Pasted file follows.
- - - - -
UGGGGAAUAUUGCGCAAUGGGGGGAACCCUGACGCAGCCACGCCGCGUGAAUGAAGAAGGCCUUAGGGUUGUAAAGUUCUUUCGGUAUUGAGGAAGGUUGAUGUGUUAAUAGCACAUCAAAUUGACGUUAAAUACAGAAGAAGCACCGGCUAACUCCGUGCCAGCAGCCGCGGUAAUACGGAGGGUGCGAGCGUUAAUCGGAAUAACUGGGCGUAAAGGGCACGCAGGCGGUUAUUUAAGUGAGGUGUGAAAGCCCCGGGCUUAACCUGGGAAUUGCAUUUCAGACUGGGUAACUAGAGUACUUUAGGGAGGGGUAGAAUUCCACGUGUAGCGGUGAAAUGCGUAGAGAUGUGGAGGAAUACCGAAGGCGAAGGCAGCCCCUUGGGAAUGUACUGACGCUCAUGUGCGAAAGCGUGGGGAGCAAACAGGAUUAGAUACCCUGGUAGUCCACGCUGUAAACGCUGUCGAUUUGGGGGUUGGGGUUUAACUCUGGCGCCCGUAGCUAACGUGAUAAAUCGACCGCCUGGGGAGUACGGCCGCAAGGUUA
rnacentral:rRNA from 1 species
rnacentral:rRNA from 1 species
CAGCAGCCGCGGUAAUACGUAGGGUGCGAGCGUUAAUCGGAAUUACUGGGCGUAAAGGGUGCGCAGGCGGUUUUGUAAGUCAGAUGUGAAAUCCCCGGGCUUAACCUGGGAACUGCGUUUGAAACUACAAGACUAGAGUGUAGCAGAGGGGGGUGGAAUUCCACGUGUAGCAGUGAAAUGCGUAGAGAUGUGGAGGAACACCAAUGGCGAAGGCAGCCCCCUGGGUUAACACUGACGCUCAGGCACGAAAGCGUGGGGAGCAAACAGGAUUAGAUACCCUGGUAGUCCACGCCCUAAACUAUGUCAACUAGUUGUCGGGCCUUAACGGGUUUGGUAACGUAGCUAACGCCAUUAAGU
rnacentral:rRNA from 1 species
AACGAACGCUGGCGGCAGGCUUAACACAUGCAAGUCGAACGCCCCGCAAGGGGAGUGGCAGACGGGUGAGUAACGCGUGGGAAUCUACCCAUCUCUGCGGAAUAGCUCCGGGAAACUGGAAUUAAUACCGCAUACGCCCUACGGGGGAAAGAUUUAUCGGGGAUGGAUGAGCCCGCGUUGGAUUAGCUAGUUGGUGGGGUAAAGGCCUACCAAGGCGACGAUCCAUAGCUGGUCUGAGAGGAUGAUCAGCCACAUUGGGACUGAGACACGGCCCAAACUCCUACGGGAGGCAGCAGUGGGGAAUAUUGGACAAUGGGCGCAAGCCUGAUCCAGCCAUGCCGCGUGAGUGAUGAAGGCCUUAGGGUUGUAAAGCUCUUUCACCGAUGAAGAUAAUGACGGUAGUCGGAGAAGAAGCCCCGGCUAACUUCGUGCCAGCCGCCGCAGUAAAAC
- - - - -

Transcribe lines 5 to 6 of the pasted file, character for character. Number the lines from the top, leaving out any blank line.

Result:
rnacentral:rRNA from 1 species
AACGAACGCUGGCGGCAGGCUUAACACAUGCAAGUCGAACGCCCCGCAAGGGGAGUGGCAGACGGGUGAGUAACGCGUGGGAAUCUACCCAUCUCUGCGGAAUAGCUCCGGGAAACUGGAAUUAAUACCGCAUACGCCCUACGGGGGAAAGAUUUAUCGGGGAUGGAUGAGCCCGCGUUGGAUUAGCUAGUUGGUGGGGUAAAGGCCUACCAAGGCGACGAUCCAUAGCUGGUCUGAGAGGAUGAUCAGCCACAUUGGGACUGAGACACGGCCCAAACUCCUACGGGAGGCAGCAGUGGGGAAUAUUGGACAAUGGGCGCAAGCCUGAUCCAGCCAUGCCGCGUGAGUGAUGAAGGCCUUAGGGUUGUAAAGCUCUUUCACCGAUGAAGAUAAUGACGGUAGUCGGAGAAGAAGCCCCGGCUAACUUCGUGCCAGCCGCCGCAGUAAAAC